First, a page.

Kim Bryde

What course did you study?

Compositing for VFX course

How did studying at Escape Studios help you into the world of VFX?

I actually studied to become an artist and ended up taking the production route- I completed the 12-week full time course in 2D compositing, then married that skill with my communication prowess and business acumen to catapult myself into the world of post-producing for commercials! Escape provided me with a high level education not only on Nuke operation but also on the VFX pipeline as a whole. The name recognition also helped, of course! Escape is a world-leader in VFX education and a household name in the books of recruiters. Everyone in London and beyond knows about the cool stuff they do and how awesome their alumni are! 

What are you working on at the moment?

I'm currently living in London and working at The Mill as a Producer, and having an absolute blast!

What were you doing before starting your course at Escape Studios? 

Before Escape, I was working in New York at a startup called StudioLiveTV, an online video platform for exercise videos with a focus on yoga. As startups tend to go, my title of "Production Manager" involved wearing a ton of hats, from shooting to editing to client services to sales! We shot all over the world, from New York to Sedona to India. Very cool experience. Oh, and of course, if you're ever feeling like a sweet workout but don't feel like leaving your flat, definitely check them out. Their online video library has loads of content, and one of the providers actually has a studio just outside of London!

What lessons have you learnt during your time studying and your time working in the industry?

During my studies at Escape, I learned how to operate Nuke, Mocha, and Silhouette. On the job at The Mill, I've learned a lot about working with various personality types, in regard to both artists and clients.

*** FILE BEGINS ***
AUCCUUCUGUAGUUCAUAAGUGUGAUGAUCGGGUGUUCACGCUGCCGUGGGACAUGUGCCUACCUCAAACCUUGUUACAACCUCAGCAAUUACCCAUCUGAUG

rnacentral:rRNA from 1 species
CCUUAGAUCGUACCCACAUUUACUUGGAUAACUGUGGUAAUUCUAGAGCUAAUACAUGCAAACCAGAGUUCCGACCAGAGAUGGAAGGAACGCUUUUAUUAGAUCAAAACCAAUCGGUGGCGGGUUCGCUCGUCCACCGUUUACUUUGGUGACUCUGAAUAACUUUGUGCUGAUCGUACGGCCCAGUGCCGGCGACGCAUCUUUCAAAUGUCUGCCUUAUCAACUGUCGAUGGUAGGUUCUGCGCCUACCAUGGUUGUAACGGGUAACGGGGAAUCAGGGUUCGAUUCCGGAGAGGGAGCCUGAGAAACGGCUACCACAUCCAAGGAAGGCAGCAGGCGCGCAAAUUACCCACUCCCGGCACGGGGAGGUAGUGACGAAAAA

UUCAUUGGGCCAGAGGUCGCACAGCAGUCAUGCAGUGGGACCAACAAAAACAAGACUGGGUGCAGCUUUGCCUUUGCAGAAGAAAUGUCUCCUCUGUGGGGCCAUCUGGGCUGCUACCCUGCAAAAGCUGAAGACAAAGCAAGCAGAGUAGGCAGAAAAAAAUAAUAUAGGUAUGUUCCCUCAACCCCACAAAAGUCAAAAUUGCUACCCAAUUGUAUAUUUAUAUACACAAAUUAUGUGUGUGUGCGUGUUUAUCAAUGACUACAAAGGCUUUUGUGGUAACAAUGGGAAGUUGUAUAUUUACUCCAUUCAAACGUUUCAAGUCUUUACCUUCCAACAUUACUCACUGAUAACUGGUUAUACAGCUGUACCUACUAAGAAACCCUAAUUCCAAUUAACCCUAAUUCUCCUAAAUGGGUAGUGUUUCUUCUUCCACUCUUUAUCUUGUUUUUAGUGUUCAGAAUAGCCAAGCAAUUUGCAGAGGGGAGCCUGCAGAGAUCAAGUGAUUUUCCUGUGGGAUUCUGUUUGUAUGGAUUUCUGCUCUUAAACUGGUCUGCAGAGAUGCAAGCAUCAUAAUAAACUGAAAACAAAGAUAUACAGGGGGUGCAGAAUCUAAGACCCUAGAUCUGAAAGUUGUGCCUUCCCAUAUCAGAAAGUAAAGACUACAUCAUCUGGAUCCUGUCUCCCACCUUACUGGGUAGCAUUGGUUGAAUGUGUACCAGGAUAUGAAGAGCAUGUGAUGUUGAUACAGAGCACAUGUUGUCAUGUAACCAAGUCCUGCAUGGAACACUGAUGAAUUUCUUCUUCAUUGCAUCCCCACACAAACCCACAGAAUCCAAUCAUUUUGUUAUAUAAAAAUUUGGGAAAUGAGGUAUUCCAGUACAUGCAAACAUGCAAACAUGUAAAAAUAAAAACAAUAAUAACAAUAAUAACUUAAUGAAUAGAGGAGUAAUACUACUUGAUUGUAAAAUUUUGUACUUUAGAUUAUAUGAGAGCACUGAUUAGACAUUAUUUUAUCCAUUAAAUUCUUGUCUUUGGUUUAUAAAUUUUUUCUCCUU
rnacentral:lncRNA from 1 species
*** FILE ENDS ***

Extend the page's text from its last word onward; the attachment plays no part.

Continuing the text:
How quickly after completing your course did you secure your first job? 

I finished my course at the end of May 2015 and started at my first gig in New York about a month later.

What is your advice for those considering entering the industry?

For aspiring producers, I have 2 nuggets of wisdom. Firstly, I'd say take a short course or two on Nuke/Maya/AfterEffects operation to understand the pipelines- familiarity with software platforms is essential to keeping production lean and efficient. It also helps with artist/producer relationships- if the artist respects that you know your stuff they'll get stuff done faster (and with a smile!). I got my first job in VFX in part due to my intensive Nuke background.

Secondly, to find job opportunities, follow as many post houses as possible on LinkedIn and don't be afraid to drop a message to recruiters or current production managers introducing yourself! A good producer is a good networker. If you're already at a company but running and are looking to move up, don't be afraid to strike up conversation in the kitchen with current producers! We're a friendly bunch and love cultivating young talent :)

Escape is a world-leader in VFX education and a household name in the books of recruiters. Everyone in London and beyond knows about the cool stuff they do and how awesome their alumni are!  

Kim Bryde